Mon, Feb 20, 2017 - Page 4 News List

One man carries the burden of Nepal’s power supply

AFP, KATHMANDU

The Kathmandu Valley is pictured in the early evening of Jan. 19.

Photo: AFP

The continuous whirl of hair dryers is a novel sound at the Blush Beauty Point parlor in Nepal’s capital, Kathmandu, which until just five months ago had to close at regular intervals because of power cuts.

Scheduled power cuts — known as load-shedding — have been a part of daily life in the impoverished landlocked country for decades, forcing small businesses to rely on expensive generators or simply close when the lights went out.

“We had to run our business according to the load-shedding schedule. Clients would call and check if there was light,” the salon’s owner Anita Shrestha said.

However, that has all changed since Kulman Ghising was appointed head of the Nepal Electricity Authority (NEA) in September last year.

Load-shedding — previously up to 16 hours a day in the winter dry season — has all but ended in the country’s three largest cities and in other major towns been reduced to about two hours on alternate days.

“When I was appointed I set the goal that I would at least make Kathmandu load-shedding-free, but at that time I felt that whatever I said I could manage more than that,” Ghising said.

Demand for electricity has long outstripped supply in Nepal, with energy production severely depressed by chronic under-investment and inefficiencies in the power network.

The result has been crippling for domestic industry and deterred foreign investment, while crucial infrastructure development has flagged in the years of political paralysis that followed the end of the Maoist insurgency in 2006 and the overthrow of the monarchy two years later.

Ghising’s formula to end the power cuts involved tackling some basic inefficiencies.

He overhauled the hydropower generation system — storing water at times of low demand so more could be generated at peak hours. He also ended a policy that provided electricity round the clock to certain industries.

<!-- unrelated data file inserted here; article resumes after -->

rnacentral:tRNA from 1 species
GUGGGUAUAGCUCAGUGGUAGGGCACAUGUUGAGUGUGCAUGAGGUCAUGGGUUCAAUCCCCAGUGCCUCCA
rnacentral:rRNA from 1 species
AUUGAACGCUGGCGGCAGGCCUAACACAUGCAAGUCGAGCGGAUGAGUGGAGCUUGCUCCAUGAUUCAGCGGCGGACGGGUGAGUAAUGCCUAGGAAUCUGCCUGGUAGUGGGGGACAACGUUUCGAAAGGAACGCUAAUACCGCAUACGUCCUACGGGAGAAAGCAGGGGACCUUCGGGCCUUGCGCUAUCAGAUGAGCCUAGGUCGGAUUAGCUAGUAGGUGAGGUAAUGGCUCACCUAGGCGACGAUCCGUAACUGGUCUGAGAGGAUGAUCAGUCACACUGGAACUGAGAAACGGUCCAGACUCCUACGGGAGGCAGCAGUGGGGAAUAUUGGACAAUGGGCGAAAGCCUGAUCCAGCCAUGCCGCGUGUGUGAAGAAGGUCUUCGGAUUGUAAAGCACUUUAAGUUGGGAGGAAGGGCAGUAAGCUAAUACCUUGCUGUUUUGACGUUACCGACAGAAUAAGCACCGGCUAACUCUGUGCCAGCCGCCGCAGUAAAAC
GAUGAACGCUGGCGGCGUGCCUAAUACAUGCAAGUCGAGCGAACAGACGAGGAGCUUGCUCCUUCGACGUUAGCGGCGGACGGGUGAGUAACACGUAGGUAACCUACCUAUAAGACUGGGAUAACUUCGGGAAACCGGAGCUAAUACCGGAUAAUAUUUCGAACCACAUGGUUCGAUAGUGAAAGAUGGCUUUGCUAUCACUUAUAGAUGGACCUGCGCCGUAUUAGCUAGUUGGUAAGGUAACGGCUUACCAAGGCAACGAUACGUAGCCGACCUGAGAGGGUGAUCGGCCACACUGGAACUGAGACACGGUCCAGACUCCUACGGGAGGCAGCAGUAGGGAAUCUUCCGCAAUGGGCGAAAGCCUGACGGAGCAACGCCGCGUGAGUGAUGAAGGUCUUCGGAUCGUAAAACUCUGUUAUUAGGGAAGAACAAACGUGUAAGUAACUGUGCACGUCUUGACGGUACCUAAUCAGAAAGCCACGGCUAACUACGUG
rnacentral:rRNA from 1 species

The policy was meant to give 24-hour power to around 20 big employers, but had expanded after decades of mission creep — and backhanders.

“Before there was some mismanagement that some industries get 24 hours [of power], some industries get 12 hours, some industries get only eight hours. There was unequal distribution of electricity that was not as per the rules of NEA,” Ghising said.

In addition, he brought online some power plants that had been sitting idle due to poor maintenance and launched a public awareness campaign to encourage people to avoid electricity-guzzling activities — like ironing and pumping water — in the evenings when demand for power is at its highest.

However, arguably the single greatest weapon Ghising has is the backing of the Nepali prime minister and the energy and finance ministers. For one of the first times in Nepal’s short history as a parliamentary democracy, all four are members of the Maoist party and that political alignment is bearing fruit.

The country is due to hold its first local elections in nearly two decades later this year and the Maoists need to show results to boost their chances at the polls.

However, while Ghising might have turned on the lights for much of Nepal, the country will need to harness its huge hydropower potential to keep the electricity flowing.

“It’s cautious optimism, because we are known to squander opportunities,” said Sujeev Shakya, founder of the Kathmandu-based Nepal Economic Forum, of the recent drop in load-shedding.

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